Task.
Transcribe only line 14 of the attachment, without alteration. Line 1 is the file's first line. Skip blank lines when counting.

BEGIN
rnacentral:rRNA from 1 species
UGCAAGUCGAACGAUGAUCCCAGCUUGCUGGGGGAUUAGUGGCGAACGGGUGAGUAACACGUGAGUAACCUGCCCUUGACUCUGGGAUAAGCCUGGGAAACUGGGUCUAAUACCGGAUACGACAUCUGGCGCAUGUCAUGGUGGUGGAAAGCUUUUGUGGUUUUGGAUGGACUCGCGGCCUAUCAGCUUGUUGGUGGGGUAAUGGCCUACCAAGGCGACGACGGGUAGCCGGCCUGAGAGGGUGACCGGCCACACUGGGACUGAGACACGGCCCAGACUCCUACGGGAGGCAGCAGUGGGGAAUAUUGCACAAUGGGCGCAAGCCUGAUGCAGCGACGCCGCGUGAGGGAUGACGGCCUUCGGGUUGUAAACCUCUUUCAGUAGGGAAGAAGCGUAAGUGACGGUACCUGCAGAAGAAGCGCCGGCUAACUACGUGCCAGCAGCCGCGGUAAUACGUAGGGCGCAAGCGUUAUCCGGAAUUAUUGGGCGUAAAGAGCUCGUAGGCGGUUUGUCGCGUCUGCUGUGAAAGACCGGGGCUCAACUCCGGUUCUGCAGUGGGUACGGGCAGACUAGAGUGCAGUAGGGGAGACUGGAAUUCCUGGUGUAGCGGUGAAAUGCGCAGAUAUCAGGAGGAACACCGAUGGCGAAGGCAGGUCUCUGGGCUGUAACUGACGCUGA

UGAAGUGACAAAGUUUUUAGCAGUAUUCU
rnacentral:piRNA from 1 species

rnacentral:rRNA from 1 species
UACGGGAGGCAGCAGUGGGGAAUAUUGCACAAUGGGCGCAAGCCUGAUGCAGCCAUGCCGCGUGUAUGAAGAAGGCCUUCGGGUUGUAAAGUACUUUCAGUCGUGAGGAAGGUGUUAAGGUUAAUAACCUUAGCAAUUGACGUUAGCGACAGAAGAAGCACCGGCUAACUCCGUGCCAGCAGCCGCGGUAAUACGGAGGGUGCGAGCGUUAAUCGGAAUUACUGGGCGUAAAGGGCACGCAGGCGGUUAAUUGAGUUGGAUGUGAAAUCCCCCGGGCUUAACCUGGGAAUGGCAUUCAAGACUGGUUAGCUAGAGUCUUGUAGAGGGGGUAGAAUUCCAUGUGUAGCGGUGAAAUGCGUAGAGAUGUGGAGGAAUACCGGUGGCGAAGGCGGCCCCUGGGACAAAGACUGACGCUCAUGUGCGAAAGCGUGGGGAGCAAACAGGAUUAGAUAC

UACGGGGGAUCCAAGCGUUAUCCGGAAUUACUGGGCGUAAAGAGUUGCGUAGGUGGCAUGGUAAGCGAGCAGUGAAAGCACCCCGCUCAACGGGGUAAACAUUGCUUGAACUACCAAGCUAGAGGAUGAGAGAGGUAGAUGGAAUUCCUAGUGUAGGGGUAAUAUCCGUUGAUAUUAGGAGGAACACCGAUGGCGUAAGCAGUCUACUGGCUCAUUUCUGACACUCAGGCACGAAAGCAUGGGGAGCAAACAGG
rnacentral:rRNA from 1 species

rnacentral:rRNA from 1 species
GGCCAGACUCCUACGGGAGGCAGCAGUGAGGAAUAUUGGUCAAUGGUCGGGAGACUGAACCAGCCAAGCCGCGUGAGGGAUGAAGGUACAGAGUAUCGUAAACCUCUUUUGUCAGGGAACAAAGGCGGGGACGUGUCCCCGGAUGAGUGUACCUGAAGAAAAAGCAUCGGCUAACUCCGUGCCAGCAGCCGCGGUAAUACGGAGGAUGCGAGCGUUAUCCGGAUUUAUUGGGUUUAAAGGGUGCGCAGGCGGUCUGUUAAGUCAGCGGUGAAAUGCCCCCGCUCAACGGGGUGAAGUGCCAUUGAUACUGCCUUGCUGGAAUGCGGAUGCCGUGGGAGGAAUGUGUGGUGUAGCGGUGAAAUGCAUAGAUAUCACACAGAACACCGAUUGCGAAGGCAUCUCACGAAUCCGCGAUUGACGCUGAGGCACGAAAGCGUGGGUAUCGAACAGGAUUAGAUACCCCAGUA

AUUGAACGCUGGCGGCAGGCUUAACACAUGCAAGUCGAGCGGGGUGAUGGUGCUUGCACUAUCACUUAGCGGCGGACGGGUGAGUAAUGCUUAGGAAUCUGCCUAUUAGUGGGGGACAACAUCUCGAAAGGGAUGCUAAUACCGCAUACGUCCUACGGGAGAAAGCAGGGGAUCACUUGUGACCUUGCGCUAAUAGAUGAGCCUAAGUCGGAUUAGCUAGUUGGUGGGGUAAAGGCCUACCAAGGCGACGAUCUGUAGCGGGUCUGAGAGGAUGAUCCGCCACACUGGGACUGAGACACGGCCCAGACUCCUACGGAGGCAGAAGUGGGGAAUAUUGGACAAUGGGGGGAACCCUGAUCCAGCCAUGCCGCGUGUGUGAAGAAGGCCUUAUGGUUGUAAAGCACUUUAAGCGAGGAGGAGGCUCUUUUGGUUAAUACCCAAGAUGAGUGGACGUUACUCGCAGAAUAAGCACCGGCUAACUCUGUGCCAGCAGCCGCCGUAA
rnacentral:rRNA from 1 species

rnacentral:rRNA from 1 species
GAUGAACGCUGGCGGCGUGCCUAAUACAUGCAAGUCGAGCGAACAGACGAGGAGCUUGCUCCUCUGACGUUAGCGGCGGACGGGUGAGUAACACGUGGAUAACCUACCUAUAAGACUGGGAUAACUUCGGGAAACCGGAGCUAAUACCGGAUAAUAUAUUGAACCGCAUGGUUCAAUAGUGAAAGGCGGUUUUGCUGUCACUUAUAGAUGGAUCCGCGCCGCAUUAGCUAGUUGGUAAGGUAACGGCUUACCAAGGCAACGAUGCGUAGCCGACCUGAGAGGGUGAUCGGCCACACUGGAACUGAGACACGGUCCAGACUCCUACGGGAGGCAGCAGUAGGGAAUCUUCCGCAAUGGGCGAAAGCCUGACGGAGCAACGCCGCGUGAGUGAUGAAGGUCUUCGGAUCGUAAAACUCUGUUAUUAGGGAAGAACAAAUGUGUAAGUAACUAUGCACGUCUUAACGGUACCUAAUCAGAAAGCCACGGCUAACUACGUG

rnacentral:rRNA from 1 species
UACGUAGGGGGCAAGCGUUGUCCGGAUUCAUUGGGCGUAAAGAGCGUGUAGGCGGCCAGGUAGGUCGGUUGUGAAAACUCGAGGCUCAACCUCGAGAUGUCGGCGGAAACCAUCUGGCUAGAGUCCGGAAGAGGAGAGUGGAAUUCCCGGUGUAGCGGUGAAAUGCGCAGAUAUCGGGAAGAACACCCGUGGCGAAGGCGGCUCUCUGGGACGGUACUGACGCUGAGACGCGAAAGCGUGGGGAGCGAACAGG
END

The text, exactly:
GAUGAACGCUGGCGGCGUGCCUAAUACAUGCAAGUCGAGCGAACAGACGAGGAGCUUGCUCCUCUGACGUUAGCGGCGGACGGGUGAGUAACACGUGGAUAACCUACCUAUAAGACUGGGAUAACUUCGGGAAACCGGAGCUAAUACCGGAUAAUAUAUUGAACCGCAUGGUUCAAUAGUGAAAGGCGGUUUUGCUGUCACUUAUAGAUGGAUCCGCGCCGCAUUAGCUAGUUGGUAAGGUAACGGCUUACCAAGGCAACGAUGCGUAGCCGACCUGAGAGGGUGAUCGGCCACACUGGAACUGAGACACGGUCCAGACUCCUACGGGAGGCAGCAGUAGGGAAUCUUCCGCAAUGGGCGAAAGCCUGACGGAGCAACGCCGCGUGAGUGAUGAAGGUCUUCGGAUCGUAAAACUCUGUUAUUAGGGAAGAACAAAUGUGUAAGUAACUAUGCACGUCUUAACGGUACCUAAUCAGAAAGCCACGGCUAACUACGUG